You Won't Believe How Many Trees You Can Save With A Box-Making Machine

May 7, 2014

If your company were to use a box-making machine like an EM-7 or and iQ Fusion, just how many trees would it save?

Questions like these can be hard to answer, because it depends a lot on what kind of boxes you make, where your corrugated cardboard comes from, and a host of other factors that can be tough to account for. But a good place to start would be to figure out how much MMSF (million square feet) your company uses. This can be tricky, especially if you use more than one size of box. We can help by offering a free box analysis. By looking at your historical box data, we can customize an On Demand Packaging® solution that:

  • Maximizes your corrugated yield
  • Reduces SKU count
  • Potentially saves your organization 35% in overall packaging costs

Now that we have a baseline idea of how much corrugated you use, there are two different ways to approach this equation: The number of trees that would have been used in the corrugated that was saved, and the number of trees that would have to be planted to offset the CO2 created by that saved corrugated. We’re going to look at both of these options.

Trees saved from unused corrugated

According to the EPA, recycling one ton of paper is equivalent to saving 17 trees. It should be noted that recycling one ton can also save “7 thousand US gallons of water, 3 cubic yards of landfill space, 2 barrels of oil, and 4,100 kilowatt-hours of electricity – enough energy to power the average American home for six months.”

We’re going to assume that not using one ton of corrugated is roughly equivalent to recycling one ton of paper, and that 20,600 square feet of corrugated cardboard weighs about one ton. Studies have shown that the average box is 40 percent empty space. On Demand Packaging® will help eliminate all of that space and save up to 20 percent of your corrugated costs. Doing a little bit of math, someone who uses 1 MMSF (million square feet) of corrugated can save up to 415,00 square feet of that with a box making machine, which translates to just over 20 tons of corrugated saved.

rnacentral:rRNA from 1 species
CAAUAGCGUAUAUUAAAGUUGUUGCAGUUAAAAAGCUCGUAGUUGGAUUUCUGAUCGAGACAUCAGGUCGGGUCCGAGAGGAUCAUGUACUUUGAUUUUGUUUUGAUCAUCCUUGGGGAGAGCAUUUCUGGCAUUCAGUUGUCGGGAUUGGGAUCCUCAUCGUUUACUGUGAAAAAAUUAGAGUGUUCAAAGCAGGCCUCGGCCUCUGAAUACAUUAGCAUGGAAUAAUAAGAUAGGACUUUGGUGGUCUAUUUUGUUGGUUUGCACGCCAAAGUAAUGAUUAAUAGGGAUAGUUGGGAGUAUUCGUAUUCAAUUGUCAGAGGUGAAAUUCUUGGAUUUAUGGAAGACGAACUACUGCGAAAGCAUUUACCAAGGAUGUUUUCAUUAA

So the short answer is: you can save up to 342 trees for every 1 MMSF of corrugated you currently use by switching to On Demand Packaging®

Trees required to offset the corrugated Carbon footprint

Here is another way to look at trees saved: Trees absorb CO2, and planting them offsets some of the carbon dioxide footprint that we create with our operations. But how many trees would you have to plant in order for the offset to be equal to the CO2 saved by switching to On Demand Packaging®?

A tree can absorb as much as 48 pounds of carbon dioxide and year and can use 1 one ton of carbon dioxide by the time it turns 40 years old (source). It’s really hard to say how much CO2 a tree will absorb over the course of its life, since not every tree will live to adulthood, and the life span of those that do varies widely. So for the purposes of this exercise, let's say that 1 ton of CO2 saved is equivalent to planting five trees.

It takes 1.08 pounds of CO2 to create one pound of corrugated cardboard (which is actually really efficient—most other materials take a lot more CO2 to produce). And we already discussed that On Demand Packaging® can save up to 20 tons of corrugated. So where does that leave us…?

Using On Demand Packaging® is equivalent to planting 180 trees for every 1 MMSF of corrugated you currently use.

Of course, this doesn’t take into account void fill savings, or transportation savings created by packages taking up less space, so the actual savings could be much higher. It should also be noted that these numbers are all forecasts, since there are many variables that were not taken into consideration for the sake of simplicity.

This is just one of the many sustainability benefits our customers realize by switching to On Demand Packaging®.

That's some good horticulture

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